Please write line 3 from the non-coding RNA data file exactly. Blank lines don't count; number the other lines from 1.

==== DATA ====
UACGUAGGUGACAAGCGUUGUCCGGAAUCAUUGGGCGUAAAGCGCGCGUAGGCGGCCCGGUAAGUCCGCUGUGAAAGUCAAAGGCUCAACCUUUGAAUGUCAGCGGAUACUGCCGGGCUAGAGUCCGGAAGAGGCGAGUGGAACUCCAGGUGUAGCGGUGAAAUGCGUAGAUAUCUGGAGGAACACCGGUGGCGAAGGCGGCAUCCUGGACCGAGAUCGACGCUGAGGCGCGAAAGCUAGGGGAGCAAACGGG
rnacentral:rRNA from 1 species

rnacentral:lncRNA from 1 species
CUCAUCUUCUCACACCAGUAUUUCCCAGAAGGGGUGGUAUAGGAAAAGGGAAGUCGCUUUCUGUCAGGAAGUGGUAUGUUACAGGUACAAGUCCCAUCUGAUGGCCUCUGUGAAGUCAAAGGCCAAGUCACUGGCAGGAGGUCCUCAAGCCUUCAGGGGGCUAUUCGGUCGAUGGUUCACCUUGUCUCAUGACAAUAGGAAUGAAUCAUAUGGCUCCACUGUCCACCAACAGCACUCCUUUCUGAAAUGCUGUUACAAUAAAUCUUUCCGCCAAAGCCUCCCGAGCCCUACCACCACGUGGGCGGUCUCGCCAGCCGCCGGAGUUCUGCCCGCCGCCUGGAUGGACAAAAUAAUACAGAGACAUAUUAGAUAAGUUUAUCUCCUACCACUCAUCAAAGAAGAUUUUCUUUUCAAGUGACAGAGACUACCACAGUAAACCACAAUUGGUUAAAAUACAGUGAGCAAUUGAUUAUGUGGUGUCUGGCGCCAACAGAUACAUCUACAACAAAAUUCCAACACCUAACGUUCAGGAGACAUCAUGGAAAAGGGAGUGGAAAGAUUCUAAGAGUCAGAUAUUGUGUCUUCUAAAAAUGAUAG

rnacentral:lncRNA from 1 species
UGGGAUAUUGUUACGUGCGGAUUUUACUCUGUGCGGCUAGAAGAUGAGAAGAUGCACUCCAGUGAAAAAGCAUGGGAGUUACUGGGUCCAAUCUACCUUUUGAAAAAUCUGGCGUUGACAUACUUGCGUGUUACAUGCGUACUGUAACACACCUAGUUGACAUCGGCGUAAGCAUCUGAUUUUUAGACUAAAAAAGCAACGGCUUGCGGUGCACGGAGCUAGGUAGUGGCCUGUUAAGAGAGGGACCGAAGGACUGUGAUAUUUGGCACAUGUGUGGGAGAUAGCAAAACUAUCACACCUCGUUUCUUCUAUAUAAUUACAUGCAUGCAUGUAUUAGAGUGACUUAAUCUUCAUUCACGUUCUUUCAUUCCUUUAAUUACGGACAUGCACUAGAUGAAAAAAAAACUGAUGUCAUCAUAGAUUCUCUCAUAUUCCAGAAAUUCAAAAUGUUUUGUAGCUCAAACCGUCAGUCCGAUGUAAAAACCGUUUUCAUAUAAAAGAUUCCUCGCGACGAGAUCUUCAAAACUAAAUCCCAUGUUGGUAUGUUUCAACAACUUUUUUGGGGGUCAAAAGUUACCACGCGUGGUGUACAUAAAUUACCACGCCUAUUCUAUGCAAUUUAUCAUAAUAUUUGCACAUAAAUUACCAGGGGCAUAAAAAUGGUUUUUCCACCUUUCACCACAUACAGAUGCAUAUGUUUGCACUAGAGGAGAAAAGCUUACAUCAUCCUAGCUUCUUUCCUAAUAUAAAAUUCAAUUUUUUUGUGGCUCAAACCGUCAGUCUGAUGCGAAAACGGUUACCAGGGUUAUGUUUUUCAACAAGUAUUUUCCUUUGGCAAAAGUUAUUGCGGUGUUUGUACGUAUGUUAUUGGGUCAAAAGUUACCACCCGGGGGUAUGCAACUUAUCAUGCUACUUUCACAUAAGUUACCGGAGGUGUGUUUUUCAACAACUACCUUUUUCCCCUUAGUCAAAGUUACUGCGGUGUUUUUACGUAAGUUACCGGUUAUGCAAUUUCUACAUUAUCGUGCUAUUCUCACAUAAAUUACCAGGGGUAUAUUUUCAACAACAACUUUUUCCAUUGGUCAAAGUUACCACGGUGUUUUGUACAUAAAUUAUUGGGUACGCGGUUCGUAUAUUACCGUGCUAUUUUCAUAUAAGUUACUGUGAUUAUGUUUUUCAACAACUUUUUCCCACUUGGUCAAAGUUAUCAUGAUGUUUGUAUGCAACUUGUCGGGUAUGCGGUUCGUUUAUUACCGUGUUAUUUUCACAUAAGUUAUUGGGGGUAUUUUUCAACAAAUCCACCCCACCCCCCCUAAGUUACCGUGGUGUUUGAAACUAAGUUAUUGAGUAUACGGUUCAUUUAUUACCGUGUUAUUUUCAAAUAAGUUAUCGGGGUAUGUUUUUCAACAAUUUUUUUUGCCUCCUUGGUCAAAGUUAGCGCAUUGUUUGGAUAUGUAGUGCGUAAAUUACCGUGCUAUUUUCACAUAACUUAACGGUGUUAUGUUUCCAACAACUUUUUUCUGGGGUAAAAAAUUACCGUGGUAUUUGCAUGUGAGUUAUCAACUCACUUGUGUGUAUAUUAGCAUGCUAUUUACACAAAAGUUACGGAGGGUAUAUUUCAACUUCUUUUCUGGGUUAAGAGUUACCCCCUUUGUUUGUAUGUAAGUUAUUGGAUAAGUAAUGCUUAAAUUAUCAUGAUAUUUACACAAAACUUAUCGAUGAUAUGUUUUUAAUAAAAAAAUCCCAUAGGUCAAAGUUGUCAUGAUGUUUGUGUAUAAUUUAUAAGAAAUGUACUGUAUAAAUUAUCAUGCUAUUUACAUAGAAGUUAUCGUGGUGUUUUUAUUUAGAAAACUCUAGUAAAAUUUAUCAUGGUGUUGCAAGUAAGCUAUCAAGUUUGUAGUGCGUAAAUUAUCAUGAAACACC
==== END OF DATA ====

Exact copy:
rnacentral:lncRNA from 1 species